Cobalt: What does a successful pentest look like?

Galis: A pentest in it of itself is not the value that you’re trying to get. You’re trying to achieve high-quality, secure software. The hallmark of a good pentest is to properly assess the security of your platform, and this is achieved by having good pentesters that can dive deep, provide coverage of the application, and are able to document findings in a way that developers can understand and fix them.

Essentially, a good pentest for us is the right people testing the right things, communicating effectively, and then partnering with our organization in order to actually remediate those vulnerabilities once they’ve been found. Cobalt partners with both our product and development teams in order to make sure that when a pentest is done, our teams understand the risk at the product level so that they can make decisions on what things will be fixed, in tandem with driving new features into our products so that we can meet our customer’s needs.

Cobalt: Who is involved with pentesting, and what has been their experience using Cobalt?

Galis: Application security, like many of the other security areas we’re responsible for at Cengage, is everyone’s responsibility. We work very closely with our technical product managers who spend time with customers to understand their requirements and then bring that back in building the user stories that drive what gets produced in our applications. We work with our engineering teams who write the code. We work with our architectural team to understand how things are being designed and the future vision of what the applications will look like and how they will work together. When it comes to pentesting, Cobalt is working with all these parts of the organization: security, product, engineering, and architecture.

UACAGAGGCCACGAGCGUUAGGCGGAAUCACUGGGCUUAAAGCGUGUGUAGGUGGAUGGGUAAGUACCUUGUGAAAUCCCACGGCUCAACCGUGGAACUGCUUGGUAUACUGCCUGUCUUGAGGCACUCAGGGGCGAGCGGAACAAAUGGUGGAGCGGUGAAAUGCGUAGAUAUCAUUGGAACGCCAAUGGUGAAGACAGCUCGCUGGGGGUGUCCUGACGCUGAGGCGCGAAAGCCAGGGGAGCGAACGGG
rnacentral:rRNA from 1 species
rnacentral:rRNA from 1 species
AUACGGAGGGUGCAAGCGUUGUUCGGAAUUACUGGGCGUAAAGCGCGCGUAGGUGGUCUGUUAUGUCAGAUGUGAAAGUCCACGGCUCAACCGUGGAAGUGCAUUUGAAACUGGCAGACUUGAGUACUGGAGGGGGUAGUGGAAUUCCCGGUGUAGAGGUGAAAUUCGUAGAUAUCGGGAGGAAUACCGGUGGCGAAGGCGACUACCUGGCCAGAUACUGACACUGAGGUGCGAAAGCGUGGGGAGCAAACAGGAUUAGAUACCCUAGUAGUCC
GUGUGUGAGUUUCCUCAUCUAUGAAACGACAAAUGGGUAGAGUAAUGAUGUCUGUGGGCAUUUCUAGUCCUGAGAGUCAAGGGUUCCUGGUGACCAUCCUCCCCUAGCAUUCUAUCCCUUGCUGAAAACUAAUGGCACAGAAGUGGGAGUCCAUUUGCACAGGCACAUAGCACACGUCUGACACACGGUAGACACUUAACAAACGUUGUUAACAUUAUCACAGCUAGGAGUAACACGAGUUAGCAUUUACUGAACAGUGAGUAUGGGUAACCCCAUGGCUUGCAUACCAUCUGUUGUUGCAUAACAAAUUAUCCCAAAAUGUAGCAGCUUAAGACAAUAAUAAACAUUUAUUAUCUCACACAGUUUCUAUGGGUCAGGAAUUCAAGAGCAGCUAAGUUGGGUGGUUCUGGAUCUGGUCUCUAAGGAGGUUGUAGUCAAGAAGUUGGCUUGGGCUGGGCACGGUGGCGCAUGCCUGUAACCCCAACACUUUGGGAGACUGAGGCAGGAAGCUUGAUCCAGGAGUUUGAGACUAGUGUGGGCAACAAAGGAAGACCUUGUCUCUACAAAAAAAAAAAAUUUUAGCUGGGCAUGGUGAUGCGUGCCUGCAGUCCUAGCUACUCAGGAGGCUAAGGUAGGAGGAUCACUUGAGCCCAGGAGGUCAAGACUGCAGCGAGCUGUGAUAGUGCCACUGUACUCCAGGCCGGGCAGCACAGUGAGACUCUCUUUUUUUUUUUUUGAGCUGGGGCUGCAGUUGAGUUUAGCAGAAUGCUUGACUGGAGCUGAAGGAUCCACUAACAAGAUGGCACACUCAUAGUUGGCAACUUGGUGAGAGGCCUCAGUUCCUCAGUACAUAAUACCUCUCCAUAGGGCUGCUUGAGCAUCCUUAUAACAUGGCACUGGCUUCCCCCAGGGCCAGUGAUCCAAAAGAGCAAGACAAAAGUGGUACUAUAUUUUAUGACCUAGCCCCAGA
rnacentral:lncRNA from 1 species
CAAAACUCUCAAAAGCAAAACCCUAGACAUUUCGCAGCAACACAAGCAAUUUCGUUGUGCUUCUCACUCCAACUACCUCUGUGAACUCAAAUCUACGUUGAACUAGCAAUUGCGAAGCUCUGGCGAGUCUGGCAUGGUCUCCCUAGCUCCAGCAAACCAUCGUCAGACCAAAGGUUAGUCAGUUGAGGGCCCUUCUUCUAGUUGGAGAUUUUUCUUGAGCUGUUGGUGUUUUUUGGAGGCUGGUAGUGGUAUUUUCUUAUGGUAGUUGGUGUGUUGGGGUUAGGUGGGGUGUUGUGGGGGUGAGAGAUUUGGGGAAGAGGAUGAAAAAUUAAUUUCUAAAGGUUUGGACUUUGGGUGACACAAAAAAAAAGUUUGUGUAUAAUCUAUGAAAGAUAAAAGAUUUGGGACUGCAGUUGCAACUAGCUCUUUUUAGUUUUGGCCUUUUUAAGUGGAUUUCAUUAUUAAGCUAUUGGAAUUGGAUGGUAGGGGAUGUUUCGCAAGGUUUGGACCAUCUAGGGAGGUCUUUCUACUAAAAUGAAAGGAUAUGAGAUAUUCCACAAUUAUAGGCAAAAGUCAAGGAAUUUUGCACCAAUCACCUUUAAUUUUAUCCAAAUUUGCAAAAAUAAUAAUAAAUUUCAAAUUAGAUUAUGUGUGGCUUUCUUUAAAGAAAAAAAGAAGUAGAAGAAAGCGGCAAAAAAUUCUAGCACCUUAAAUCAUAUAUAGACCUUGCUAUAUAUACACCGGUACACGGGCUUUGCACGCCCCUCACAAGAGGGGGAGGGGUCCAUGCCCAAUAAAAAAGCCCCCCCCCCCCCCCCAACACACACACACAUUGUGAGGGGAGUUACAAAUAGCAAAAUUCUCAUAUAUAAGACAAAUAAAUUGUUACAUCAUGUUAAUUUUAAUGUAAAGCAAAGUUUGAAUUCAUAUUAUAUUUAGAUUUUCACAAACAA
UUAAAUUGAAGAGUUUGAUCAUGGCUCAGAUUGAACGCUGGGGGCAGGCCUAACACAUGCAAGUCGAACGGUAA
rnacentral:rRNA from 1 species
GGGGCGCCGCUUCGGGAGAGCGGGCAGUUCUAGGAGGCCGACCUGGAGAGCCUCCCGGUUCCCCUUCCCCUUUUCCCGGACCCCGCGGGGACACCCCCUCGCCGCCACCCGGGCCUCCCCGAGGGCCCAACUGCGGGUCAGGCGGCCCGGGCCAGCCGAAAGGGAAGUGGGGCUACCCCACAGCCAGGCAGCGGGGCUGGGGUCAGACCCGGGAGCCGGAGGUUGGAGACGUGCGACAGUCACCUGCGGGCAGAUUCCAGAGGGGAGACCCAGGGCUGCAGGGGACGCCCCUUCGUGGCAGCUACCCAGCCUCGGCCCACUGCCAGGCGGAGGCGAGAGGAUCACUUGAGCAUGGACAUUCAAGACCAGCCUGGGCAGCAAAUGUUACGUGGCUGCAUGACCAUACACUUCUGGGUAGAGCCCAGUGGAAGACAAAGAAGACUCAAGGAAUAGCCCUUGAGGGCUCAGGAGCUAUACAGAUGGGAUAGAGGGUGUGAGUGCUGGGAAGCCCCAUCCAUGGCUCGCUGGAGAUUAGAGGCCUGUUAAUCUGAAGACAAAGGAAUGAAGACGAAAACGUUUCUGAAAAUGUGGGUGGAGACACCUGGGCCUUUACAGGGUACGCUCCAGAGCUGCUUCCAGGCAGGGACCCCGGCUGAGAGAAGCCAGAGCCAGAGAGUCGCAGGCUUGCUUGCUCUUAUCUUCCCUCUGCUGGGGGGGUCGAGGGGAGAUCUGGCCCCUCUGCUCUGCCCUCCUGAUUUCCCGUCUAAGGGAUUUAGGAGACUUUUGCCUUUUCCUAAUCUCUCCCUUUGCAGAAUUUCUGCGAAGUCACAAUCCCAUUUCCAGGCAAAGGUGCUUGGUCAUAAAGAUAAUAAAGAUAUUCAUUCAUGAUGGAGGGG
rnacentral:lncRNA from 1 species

Cobalt: What are the main benefits that you’ve experienced from using Cobalt?

Galis: The main benefits that we get from Cobalt are speed, scalability, and repeatability.

We are able to quickly launch and execute pentests; and beyond that, instead of waiting until the test is complete to get a report, we’re able to see those individual findings as they are identified in real-time and relay them to the engineering team so they can start working on them immediately.

We’re able to scale. Instead of having a stable of pentesters on my team that have to scale up to the point of testing all of our platforms, we’re able to leverage the flexibility of having Cobalt’s pentester community as an extension of our team.

The process is easily repeatable. Using the platform’s Pentest Wizard, we fill out a form with all necessary information about a specific asset and then have pentesters assigned to us based on the scope. We are able to use pentest results from the platform and see how we’re doing year-over-year so we know how we’re progressing as an organization.

Cobalt: How would you describe Cobalt?

Galis: Cobalt is what any of our good security vendors are: a partner, not a transactional vendor. They work with us to understand what our requirements, needs, and problems are and then help us solve them. We have a dedicated Customer Success Manager (CSM) who is our point of contact and acts as the face of Cobalt, who we know and trust.

Anytime we have feedback about how we can work better together, our CSM works closely with our team to bring the force of that pentester community that’s behind every one of the tests that we do.

Cobalt: Has Cobalt changed how your team approaches pentesting?

Galis: Cobalt has allowed us to effectively scale our team. We can get a pentest up and running within 24 hours — regardless of whether we want to launch one test or five simultaneously. It gives us this ability to take the methodology that we want to apply to a pentest and scale it to all the different teams that we have to service so that we can continue to focus on helping learners pursue their educational journey